To what extent was the Treaty of Versailles fair to Germany?

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To what extent was the Treaty of Versailles fair to Germany?

The Treaty of Versailles was created to cripple Germany so that they could not start another war. One side of the argument is that the Treaty was extremely unfair to Germany, as it took away some of her most valuable assets and fuelled nationalism. However, the other side of the argument is that as Germany caused a lot of damage, she deserved to be punished and prevented from stirring up more trouble.

The military clause was the harshest and most damaging clause, and was greatly disapproved of by Germany. The size and power of the German army was one of her greatest assets. By restricting her to an army of only 100,000 volunteers, the Treaty left her defenceless and vulnerable. For such a large country, an army of 100,000 men was just big enough to keep order within Germany, but was not large enough to defend Germany from other invading powers. The army was a symbol of German pride and an important political source of nationalism. Having almost half of it taken away ruined Germany’s Great Power status, and made her an easy target for other countries. In addition, the Rhineland became a demilitarised zone, meaning that Germany was open to attack by France.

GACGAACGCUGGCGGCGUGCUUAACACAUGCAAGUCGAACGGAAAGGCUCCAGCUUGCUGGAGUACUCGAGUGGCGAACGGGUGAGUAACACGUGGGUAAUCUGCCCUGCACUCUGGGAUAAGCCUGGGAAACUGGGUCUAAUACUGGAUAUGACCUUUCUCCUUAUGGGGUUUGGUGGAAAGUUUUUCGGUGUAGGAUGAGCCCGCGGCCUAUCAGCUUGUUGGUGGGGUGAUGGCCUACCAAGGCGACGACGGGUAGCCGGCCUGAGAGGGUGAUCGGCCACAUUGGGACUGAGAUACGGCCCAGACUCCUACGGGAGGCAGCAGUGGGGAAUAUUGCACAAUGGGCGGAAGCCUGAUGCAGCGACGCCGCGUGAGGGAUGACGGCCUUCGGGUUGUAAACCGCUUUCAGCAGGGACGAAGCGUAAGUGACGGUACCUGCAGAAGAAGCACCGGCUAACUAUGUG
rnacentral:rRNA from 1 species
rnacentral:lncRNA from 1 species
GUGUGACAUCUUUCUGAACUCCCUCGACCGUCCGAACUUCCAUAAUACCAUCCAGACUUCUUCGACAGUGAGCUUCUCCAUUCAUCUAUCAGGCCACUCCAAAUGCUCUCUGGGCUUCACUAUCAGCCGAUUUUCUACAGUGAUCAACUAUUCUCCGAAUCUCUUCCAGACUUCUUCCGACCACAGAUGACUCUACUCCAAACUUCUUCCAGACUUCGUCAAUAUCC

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On the other hand, some groups believe that the military clause was fair, as it punished Germany as well as giving the smaller countries of Europe a chance to establish themselves. Furthermore, restricting Germany’s army and weapons meant that there would be no threat to the British Empire, security or international trade, and it prevented the break out of another large, destructive war.

The war guilt and reparation clauses also had a great impact on Germany. Many groups believed that Europe had slid into war and that it was not one country’s fault since most were involved ...

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This is a strong response which offers a balanced and systematic assessment of the fairness of the treaty. Knowledge is accurate and judgements are convincing, particularly in the conclusion. 5 out of 5 stars.